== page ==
Dear Faculty, Staff, Alumni and Friends,
October 1, we will be welcoming James Burns as the new Director of the Humanities Hub, so I wanted to use my column this month to reflect on the Humanities at Clemson, and more broadly.
We all know about the pressures and priorities in our society today; the cost of a college education and the pressure to get that first job and make sure the salary makes that investment in education justifiable. Even though the cost of education has skyrocketed in recent decades, the pressures are not all that new. If you read a lot of 19th-century novels, you will see that young men (back then it was only young men) were under intense pressure from their fathers to do something “practical” with their lives. The usefulness of the arts and humanities was questioned then, just as it is today.
But something convinced the early leaders of this university to chisel the names of some core disciplines into the façade of Sikes Hall. Six of them in all: Religion, History, Art, Industry, Science and Languages. Four of those six disciplines are embedded in our College. The Humanities don’t just prepare you for one job or one career path, but for life and for leadership in any number of fields. They give you the tools and the perspective you will need to excel in anything you choose to do. It is never a mistake to major in History, or English, or Philosophy, or Languages. These fields give you an understanding of people, how they think, what they feel and why, how to read, how to read between the lines, and how to communicate successfully.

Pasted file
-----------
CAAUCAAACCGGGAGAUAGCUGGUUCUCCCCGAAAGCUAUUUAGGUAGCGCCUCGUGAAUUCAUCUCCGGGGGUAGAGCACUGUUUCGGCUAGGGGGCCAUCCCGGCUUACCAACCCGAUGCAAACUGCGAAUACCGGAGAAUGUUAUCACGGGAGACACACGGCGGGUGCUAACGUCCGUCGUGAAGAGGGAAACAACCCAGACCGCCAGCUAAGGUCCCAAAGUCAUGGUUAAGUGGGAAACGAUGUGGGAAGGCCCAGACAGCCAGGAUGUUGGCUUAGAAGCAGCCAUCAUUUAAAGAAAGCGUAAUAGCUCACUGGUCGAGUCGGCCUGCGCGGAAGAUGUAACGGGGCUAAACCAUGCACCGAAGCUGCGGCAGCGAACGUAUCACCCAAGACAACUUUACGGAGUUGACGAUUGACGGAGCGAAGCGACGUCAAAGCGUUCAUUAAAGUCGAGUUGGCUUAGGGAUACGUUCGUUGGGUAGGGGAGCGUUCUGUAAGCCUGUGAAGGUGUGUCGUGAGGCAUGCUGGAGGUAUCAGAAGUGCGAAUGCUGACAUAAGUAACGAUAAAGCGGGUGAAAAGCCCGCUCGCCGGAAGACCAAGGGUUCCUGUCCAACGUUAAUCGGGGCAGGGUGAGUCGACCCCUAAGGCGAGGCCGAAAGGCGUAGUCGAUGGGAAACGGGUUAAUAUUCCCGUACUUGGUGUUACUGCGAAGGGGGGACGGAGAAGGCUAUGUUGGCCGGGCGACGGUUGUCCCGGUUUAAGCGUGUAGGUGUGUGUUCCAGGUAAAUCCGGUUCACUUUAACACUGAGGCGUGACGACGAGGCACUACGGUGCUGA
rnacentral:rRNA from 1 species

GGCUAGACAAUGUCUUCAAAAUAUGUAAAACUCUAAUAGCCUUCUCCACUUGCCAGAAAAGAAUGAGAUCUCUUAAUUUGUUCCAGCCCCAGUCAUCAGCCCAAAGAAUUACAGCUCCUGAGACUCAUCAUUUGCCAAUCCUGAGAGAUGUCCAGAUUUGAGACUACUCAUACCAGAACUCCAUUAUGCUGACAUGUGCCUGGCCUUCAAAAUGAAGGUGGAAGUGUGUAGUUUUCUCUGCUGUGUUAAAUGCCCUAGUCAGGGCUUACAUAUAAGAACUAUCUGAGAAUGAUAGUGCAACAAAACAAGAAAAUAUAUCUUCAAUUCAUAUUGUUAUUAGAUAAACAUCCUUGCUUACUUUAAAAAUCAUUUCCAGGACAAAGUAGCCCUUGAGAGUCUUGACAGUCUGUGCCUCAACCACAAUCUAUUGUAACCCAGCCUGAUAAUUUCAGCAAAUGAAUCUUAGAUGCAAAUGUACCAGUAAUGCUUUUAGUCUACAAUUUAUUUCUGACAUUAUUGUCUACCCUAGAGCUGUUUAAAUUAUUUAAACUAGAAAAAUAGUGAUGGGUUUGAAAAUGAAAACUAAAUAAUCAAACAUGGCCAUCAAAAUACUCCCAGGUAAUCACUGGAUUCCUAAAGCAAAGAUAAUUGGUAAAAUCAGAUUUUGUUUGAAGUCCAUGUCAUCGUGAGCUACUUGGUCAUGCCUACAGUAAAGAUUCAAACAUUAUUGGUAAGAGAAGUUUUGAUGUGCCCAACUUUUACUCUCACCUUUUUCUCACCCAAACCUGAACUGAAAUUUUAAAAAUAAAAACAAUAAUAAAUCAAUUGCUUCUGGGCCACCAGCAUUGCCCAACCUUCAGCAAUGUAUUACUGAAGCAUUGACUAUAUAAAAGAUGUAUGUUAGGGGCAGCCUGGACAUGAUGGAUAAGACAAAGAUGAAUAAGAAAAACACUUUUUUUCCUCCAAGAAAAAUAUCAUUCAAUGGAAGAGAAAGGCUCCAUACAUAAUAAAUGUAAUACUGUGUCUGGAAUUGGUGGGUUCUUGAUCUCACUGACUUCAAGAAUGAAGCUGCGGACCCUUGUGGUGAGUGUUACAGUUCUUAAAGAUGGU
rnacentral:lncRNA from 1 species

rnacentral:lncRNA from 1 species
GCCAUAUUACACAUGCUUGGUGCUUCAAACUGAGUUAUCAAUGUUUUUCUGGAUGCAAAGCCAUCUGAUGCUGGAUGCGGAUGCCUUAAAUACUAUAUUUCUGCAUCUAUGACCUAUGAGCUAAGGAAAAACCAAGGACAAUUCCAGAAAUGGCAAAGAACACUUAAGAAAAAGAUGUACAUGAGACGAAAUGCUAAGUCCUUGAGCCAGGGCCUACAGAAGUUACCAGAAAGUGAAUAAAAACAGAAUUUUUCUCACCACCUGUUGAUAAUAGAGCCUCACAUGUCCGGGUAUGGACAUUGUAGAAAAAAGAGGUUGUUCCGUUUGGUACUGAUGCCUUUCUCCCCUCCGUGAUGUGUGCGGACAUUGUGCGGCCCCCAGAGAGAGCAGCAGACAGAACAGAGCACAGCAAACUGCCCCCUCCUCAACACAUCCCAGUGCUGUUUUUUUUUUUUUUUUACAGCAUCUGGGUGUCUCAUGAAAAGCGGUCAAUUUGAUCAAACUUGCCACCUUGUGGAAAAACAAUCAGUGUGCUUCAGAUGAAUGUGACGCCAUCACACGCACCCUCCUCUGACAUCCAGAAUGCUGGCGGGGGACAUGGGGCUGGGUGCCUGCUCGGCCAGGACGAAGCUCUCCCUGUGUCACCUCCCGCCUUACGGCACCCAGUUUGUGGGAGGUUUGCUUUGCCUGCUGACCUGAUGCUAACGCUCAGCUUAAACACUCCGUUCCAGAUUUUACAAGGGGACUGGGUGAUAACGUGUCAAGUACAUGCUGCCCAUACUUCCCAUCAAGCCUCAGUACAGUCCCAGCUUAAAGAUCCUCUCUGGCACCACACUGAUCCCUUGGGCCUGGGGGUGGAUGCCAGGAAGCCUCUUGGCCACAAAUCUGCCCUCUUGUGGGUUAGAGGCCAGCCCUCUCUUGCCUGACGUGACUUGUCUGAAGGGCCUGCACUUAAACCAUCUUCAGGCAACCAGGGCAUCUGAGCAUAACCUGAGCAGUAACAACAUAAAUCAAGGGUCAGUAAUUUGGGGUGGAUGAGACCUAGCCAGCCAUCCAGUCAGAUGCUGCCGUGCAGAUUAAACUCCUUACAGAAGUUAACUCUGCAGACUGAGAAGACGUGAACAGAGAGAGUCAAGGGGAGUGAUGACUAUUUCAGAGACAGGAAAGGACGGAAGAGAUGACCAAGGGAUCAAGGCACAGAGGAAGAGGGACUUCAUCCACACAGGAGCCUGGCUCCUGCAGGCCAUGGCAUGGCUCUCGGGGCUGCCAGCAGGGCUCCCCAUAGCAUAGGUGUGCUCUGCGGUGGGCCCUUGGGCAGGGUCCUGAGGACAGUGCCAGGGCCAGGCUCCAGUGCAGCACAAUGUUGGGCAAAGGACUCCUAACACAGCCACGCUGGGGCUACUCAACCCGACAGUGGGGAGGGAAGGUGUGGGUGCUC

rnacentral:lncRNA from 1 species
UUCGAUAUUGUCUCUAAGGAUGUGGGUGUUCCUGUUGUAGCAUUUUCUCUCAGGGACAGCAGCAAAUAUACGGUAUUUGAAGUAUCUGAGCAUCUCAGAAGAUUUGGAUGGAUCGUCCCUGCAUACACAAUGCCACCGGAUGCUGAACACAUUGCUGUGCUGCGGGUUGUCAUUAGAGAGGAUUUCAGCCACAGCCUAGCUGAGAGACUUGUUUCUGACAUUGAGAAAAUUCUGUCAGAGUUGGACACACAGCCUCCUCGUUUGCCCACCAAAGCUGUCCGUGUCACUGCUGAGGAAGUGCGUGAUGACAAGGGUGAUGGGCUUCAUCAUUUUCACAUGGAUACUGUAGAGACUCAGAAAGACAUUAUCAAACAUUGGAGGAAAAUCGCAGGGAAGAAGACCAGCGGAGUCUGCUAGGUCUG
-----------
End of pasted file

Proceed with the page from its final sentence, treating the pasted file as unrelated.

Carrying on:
The failure to communicate what the Humanities are is not just a Clemson problem, but a national one. What makes it difficult is that it is hard to show an image that adequately portrays a Humanities education. It’s because, as opposed to many other areas of inquiry, what the Humanities deliver is hard to quantify. But just because something doesn’t translate easily to a spreadsheet does not mean it isn’t there.
So, how about this image of a tree on our beautiful campus? The tree is a central symbol in our culture: there in the very earliest texts we study, representing knowledge as well as refuge, safety and something lasting.
Perhaps a tree is a good metaphor. Its roots are deep, like much of what we teach that connects us with our deepest past. The tree cannot thrive without its roots, and yet you can’t see them. Like roots, the Humanities provide nourishment for a life worth living.
Its branches spread wide in all directions, like our disciplines which span time, place, and yet are all connected to the trunk, the student.
We live in an extremely hectic and noisy world that demands our constant and shifting attention. Social media have certainly not helped to calm and slow things down. How precious then is the possibility of simply sitting under a tree and quietly taking time to digest what has been learned and think about things. Some of the most important advances in human history have happened in moments of quiet contemplation. Let’s strive to preserve places, like our College, where those moments are treasured.
Nicholas Vazsonyi, Dean
College of Architecture, Arts and Humanities
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